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White Spruce Photo
White spruce is a medium-sized conifer found in northeastern
United States and throughout Canada. It is the state tree of
South Dakota. White spruce has a cone-shaped crown, and
when grown in the open develops a conical crown which extends
nearly to the ground. This habit along with the spreading
branches give it a nice appearance for use as an ornamental.
Trees often reach 80-140 feet in height and 1.5 to 3 feet in
diameter. The oldest white spruce may reach 300 years of age.

Leaves (needles) are needle-shaped, and are often somewhat
crowded on the upper half of the branchlets. Needles are usually
1/2 to 3/4 inch long, blunt at the tip and green to bluish-green in
color. Typically, needles are 4 angled (4-sided) and are present
on short twig-like structures on the stem (sterigmata). When
crushed, needles have a disagreeable odor, thus, the common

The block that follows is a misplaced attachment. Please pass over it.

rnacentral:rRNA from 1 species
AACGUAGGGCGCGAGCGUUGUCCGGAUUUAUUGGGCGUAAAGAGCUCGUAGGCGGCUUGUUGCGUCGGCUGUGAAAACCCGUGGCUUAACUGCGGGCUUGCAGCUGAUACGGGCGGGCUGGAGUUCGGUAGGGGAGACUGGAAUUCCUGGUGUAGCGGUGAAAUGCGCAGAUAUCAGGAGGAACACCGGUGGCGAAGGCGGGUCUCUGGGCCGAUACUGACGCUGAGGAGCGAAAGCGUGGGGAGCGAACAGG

name of "skunk spruce" or "cat spruce" is often used by those
familiar with the species. The bark is thin, light grayish-brown
and is produced in irregular, thin, scaly plates.

The species is monecious, meaning both male and female
flowers (strobili) are found on the same tree. Pollination occurs
in the spring and cones mature in one season. Cones are slender
about 1 1/4 to 2 inches long and ripen in early fall. Cones are pale
brown at maturity with scales that are thin, flexible, and rounded.
Cones usually fall from the tree shortly after seeds are shed.

White spruce is tolerant of a considerable amount of shade.
Its best growth is on moist, acidic, loamy soils and is often
found on stream banks, lake shores and adjacent slopes.
The species seldom occurs in pure stands but grows in
association with balsam fir, black spruce, eastern hemlock,
trembling aspen, and other northern hardwoods.

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As a Christmas tree, white
spruce has excellent foliage
color, short stiff needles and
a good natural shape. Needle
retention is better than some
of other spruce species.

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